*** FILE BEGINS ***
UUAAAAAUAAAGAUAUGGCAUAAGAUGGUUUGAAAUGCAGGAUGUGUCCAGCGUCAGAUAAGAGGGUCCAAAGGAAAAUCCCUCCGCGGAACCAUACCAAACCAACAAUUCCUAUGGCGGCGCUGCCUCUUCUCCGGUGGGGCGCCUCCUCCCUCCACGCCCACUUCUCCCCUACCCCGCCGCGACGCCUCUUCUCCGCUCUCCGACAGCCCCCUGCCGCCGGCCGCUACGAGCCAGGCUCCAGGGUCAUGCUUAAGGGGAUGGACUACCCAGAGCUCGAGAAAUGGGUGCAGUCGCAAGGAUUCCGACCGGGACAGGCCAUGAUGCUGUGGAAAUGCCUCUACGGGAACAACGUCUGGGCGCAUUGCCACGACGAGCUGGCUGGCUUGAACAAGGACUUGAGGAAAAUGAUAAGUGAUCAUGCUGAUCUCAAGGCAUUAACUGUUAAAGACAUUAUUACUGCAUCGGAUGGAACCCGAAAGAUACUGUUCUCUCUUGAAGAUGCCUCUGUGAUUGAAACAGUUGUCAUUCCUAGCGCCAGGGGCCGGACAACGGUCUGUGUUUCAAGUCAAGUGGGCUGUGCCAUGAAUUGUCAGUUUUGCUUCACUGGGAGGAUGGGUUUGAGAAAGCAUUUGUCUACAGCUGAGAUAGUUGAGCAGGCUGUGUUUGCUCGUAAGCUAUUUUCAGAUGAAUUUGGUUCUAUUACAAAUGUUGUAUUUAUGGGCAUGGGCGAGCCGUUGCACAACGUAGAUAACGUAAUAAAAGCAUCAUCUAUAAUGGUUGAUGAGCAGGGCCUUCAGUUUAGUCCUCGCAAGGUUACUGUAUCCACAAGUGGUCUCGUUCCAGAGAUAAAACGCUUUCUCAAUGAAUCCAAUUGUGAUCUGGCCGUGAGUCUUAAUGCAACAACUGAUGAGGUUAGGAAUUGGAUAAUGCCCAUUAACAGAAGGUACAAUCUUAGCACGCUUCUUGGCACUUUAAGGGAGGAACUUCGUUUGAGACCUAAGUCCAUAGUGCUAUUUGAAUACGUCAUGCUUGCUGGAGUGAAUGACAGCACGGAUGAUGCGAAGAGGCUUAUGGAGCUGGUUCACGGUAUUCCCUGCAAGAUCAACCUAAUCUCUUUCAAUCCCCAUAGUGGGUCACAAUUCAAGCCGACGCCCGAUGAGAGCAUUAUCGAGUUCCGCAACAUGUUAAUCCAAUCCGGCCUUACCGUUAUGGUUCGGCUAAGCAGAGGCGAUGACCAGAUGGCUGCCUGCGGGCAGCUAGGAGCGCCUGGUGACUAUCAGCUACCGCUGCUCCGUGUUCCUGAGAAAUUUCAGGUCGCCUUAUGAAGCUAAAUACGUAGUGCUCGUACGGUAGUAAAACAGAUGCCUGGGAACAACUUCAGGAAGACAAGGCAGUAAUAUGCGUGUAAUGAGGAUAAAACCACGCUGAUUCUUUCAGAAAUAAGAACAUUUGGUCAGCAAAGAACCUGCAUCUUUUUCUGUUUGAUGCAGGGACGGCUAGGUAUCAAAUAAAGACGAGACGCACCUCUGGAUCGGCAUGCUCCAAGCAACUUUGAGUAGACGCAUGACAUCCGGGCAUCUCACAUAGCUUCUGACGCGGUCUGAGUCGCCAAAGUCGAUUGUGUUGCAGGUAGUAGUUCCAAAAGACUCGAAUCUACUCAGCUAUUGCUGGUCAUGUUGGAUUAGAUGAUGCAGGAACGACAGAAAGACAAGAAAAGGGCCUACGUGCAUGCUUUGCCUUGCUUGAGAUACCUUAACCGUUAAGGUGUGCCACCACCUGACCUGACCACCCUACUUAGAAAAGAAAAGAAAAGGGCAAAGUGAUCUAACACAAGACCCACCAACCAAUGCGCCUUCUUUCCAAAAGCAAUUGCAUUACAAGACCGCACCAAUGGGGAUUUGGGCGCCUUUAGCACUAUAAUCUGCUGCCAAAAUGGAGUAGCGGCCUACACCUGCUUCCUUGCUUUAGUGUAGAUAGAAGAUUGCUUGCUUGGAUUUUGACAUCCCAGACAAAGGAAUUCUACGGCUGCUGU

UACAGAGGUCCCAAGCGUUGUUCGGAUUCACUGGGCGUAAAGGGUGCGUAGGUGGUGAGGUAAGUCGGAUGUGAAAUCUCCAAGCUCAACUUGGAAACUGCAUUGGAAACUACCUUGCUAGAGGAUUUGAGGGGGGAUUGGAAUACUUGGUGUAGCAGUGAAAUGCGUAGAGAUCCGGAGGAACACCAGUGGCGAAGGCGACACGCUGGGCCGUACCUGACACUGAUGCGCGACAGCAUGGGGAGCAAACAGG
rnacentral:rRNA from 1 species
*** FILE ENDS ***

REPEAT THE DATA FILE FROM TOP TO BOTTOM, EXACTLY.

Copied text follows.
UUAAAAAUAAAGAUAUGGCAUAAGAUGGUUUGAAAUGCAGGAUGUGUCCAGCGUCAGAUAAGAGGGUCCAAAGGAAAAUCCCUCCGCGGAACCAUACCAAACCAACAAUUCCUAUGGCGGCGCUGCCUCUUCUCCGGUGGGGCGCCUCCUCCCUCCACGCCCACUUCUCCCCUACCCCGCCGCGACGCCUCUUCUCCGCUCUCCGACAGCCCCCUGCCGCCGGCCGCUACGAGCCAGGCUCCAGGGUCAUGCUUAAGGGGAUGGACUACCCAGAGCUCGAGAAAUGGGUGCAGUCGCAAGGAUUCCGACCGGGACAGGCCAUGAUGCUGUGGAAAUGCCUCUACGGGAACAACGUCUGGGCGCAUUGCCACGACGAGCUGGCUGGCUUGAACAAGGACUUGAGGAAAAUGAUAAGUGAUCAUGCUGAUCUCAAGGCAUUAACUGUUAAAGACAUUAUUACUGCAUCGGAUGGAACCCGAAAGAUACUGUUCUCUCUUGAAGAUGCCUCUGUGAUUGAAACAGUUGUCAUUCCUAGCGCCAGGGGCCGGACAACGGUCUGUGUUUCAAGUCAAGUGGGCUGUGCCAUGAAUUGUCAGUUUUGCUUCACUGGGAGGAUGGGUUUGAGAAAGCAUUUGUCUACAGCUGAGAUAGUUGAGCAGGCUGUGUUUGCUCGUAAGCUAUUUUCAGAUGAAUUUGGUUCUAUUACAAAUGUUGUAUUUAUGGGCAUGGGCGAGCCGUUGCACAACGUAGAUAACGUAAUAAAAGCAUCAUCUAUAAUGGUUGAUGAGCAGGGCCUUCAGUUUAGUCCUCGCAAGGUUACUGUAUCCACAAGUGGUCUCGUUCCAGAGAUAAAACGCUUUCUCAAUGAAUCCAAUUGUGAUCUGGCCGUGAGUCUUAAUGCAACAACUGAUGAGGUUAGGAAUUGGAUAAUGCCCAUUAACAGAAGGUACAAUCUUAGCACGCUUCUUGGCACUUUAAGGGAGGAACUUCGUUUGAGACCUAAGUCCAUAGUGCUAUUUGAAUACGUCAUGCUUGCUGGAGUGAAUGACAGCACGGAUGAUGCGAAGAGGCUUAUGGAGCUGGUUCACGGUAUUCCCUGCAAGAUCAACCUAAUCUCUUUCAAUCCCCAUAGUGGGUCACAAUUCAAGCCGACGCCCGAUGAGAGCAUUAUCGAGUUCCGCAACAUGUUAAUCCAAUCCGGCCUUACCGUUAUGGUUCGGCUAAGCAGAGGCGAUGACCAGAUGGCUGCCUGCGGGCAGCUAGGAGCGCCUGGUGACUAUCAGCUACCGCUGCUCCGUGUUCCUGAGAAAUUUCAGGUCGCCUUAUGAAGCUAAAUACGUAGUGCUCGUACGGUAGUAAAACAGAUGCCUGGGAACAACUUCAGGAAGACAAGGCAGUAAUAUGCGUGUAAUGAGGAUAAAACCACGCUGAUUCUUUCAGAAAUAAGAACAUUUGGUCAGCAAAGAACCUGCAUCUUUUUCUGUUUGAUGCAGGGACGGCUAGGUAUCAAAUAAAGACGAGACGCACCUCUGGAUCGGCAUGCUCCAAGCAACUUUGAGUAGACGCAUGACAUCCGGGCAUCUCACAUAGCUUCUGACGCGGUCUGAGUCGCCAAAGUCGAUUGUGUUGCAGGUAGUAGUUCCAAAAGACUCGAAUCUACUCAGCUAUUGCUGGUCAUGUUGGAUUAGAUGAUGCAGGAACGACAGAAAGACAAGAAAAGGGCCUACGUGCAUGCUUUGCCUUGCUUGAGAUACCUUAACCGUUAAGGUGUGCCACCACCUGACCUGACCACCCUACUUAGAAAAGAAAAGAAAAGGGCAAAGUGAUCUAACACAAGACCCACCAACCAAUGCGCCUUCUUUCCAAAAGCAAUUGCAUUACAAGACCGCACCAAUGGGGAUUUGGGCGCCUUUAGCACUAUAAUCUGCUGCCAAAAUGGAGUAGCGGCCUACACCUGCUUCCUUGCUUUAGUGUAGAUAGAAGAUUGCUUGCUUGGAUUUUGACAUCCCAGACAAAGGAAUUCUACGGCUGCUGU

UACAGAGGUCCCAAGCGUUGUUCGGAUUCACUGGGCGUAAAGGGUGCGUAGGUGGUGAGGUAAGUCGGAUGUGAAAUCUCCAAGCUCAACUUGGAAACUGCAUUGGAAACUACCUUGCUAGAGGAUUUGAGGGGGGAUUGGAAUACUUGGUGUAGCAGUGAAAUGCGUAGAGAUCCGGAGGAACACCAGUGGCGAAGGCGACACGCUGGGCCGUACCUGACACUGAUGCGCGACAGCAUGGGGAGCAAACAGG
rnacentral:rRNA from 1 species